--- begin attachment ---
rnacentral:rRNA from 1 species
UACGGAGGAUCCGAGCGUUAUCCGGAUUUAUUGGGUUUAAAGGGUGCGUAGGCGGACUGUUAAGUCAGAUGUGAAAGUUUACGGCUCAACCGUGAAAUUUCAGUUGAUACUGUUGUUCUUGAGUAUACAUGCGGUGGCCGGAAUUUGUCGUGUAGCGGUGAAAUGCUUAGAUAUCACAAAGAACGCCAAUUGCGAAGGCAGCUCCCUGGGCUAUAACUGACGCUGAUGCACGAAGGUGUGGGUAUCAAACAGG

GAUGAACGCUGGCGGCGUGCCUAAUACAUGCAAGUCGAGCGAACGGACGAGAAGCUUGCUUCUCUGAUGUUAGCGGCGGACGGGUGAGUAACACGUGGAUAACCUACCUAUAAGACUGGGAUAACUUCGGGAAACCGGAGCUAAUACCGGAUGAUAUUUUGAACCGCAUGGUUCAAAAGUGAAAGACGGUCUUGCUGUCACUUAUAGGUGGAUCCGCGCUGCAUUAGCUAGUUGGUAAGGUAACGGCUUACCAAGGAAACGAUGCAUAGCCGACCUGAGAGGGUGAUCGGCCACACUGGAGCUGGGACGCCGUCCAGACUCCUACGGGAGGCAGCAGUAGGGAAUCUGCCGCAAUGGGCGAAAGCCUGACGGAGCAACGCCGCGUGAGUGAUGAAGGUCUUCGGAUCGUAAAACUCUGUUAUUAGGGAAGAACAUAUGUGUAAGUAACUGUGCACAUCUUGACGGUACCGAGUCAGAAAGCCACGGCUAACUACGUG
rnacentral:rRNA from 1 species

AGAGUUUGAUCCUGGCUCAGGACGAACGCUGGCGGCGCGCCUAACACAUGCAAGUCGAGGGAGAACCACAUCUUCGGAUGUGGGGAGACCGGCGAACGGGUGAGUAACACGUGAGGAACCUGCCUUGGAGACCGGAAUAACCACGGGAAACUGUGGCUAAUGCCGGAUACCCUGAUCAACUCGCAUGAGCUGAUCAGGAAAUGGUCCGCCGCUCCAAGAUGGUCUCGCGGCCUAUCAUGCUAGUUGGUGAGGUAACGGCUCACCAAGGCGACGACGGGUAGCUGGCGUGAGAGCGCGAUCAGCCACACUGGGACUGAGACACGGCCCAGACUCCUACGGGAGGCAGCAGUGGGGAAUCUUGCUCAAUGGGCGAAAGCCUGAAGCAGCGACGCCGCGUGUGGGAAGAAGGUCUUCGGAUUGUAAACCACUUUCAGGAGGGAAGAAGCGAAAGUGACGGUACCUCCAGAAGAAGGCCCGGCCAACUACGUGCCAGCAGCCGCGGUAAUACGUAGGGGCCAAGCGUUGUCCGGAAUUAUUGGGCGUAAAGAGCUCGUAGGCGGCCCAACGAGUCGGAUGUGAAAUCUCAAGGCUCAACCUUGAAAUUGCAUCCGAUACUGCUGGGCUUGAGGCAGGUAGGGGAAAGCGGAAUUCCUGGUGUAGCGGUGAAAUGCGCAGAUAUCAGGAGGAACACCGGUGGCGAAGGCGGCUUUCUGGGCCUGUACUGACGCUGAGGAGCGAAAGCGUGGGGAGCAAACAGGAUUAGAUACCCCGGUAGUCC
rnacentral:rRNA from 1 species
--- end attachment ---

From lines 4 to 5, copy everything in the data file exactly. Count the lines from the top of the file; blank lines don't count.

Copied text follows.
rnacentral:rRNA from 1 species

AGAGUUUGAUCCUGGCUCAGGACGAACGCUGGCGGCGCGCCUAACACAUGCAAGUCGAGGGAGAACCACAUCUUCGGAUGUGGGGAGACCGGCGAACGGGUGAGUAACACGUGAGGAACCUGCCUUGGAGACCGGAAUAACCACGGGAAACUGUGGCUAAUGCCGGAUACCCUGAUCAACUCGCAUGAGCUGAUCAGGAAAUGGUCCGCCGCUCCAAGAUGGUCUCGCGGCCUAUCAUGCUAGUUGGUGAGGUAACGGCUCACCAAGGCGACGACGGGUAGCUGGCGUGAGAGCGCGAUCAGCCACACUGGGACUGAGACACGGCCCAGACUCCUACGGGAGGCAGCAGUGGGGAAUCUUGCUCAAUGGGCGAAAGCCUGAAGCAGCGACGCCGCGUGUGGGAAGAAGGUCUUCGGAUUGUAAACCACUUUCAGGAGGGAAGAAGCGAAAGUGACGGUACCUCCAGAAGAAGGCCCGGCCAACUACGUGCCAGCAGCCGCGGUAAUACGUAGGGGCCAAGCGUUGUCCGGAAUUAUUGGGCGUAAAGAGCUCGUAGGCGGCCCAACGAGUCGGAUGUGAAAUCUCAAGGCUCAACCUUGAAAUUGCAUCCGAUACUGCUGGGCUUGAGGCAGGUAGGGGAAAGCGGAAUUCCUGGUGUAGCGGUGAAAUGCGCAGAUAUCAGGAGGAACACCGGUGGCGAAGGCGGCUUUCUGGGCCUGUACUGACGCUGAGGAGCGAAAGCGUGGGGAGCAAACAGGAUUAGAUACCCCGGUAGUCC